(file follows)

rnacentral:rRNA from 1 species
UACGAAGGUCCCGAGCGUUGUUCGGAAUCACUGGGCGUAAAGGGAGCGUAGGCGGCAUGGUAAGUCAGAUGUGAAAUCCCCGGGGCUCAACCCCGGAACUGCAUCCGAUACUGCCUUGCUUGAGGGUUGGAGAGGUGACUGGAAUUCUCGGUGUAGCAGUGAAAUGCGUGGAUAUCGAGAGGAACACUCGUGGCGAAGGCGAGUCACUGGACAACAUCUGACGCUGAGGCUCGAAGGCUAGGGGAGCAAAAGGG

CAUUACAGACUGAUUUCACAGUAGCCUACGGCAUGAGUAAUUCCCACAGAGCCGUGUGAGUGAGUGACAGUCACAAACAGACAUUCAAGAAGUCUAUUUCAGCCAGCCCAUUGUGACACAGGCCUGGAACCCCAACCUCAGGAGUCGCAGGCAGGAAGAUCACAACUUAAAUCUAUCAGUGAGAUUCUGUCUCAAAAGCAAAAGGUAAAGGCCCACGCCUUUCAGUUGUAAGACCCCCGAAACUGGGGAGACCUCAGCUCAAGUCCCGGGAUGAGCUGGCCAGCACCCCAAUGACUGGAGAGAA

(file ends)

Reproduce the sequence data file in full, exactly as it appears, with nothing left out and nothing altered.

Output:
rnacentral:rRNA from 1 species
UACGAAGGUCCCGAGCGUUGUUCGGAAUCACUGGGCGUAAAGGGAGCGUAGGCGGCAUGGUAAGUCAGAUGUGAAAUCCCCGGGGCUCAACCCCGGAACUGCAUCCGAUACUGCCUUGCUUGAGGGUUGGAGAGGUGACUGGAAUUCUCGGUGUAGCAGUGAAAUGCGUGGAUAUCGAGAGGAACACUCGUGGCGAAGGCGAGUCACUGGACAACAUCUGACGCUGAGGCUCGAAGGCUAGGGGAGCAAAAGGG

CAUUACAGACUGAUUUCACAGUAGCCUACGGCAUGAGUAAUUCCCACAGAGCCGUGUGAGUGAGUGACAGUCACAAACAGACAUUCAAGAAGUCUAUUUCAGCCAGCCCAUUGUGACACAGGCCUGGAACCCCAACCUCAGGAGUCGCAGGCAGGAAGAUCACAACUUAAAUCUAUCAGUGAGAUUCUGUCUCAAAAGCAAAAGGUAAAGGCCCACGCCUUUCAGUUGUAAGACCCCCGAAACUGGGGAGACCUCAGCUCAAGUCCCGGGAUGAGCUGGCCAGCACCCCAAUGACUGGAGAGAA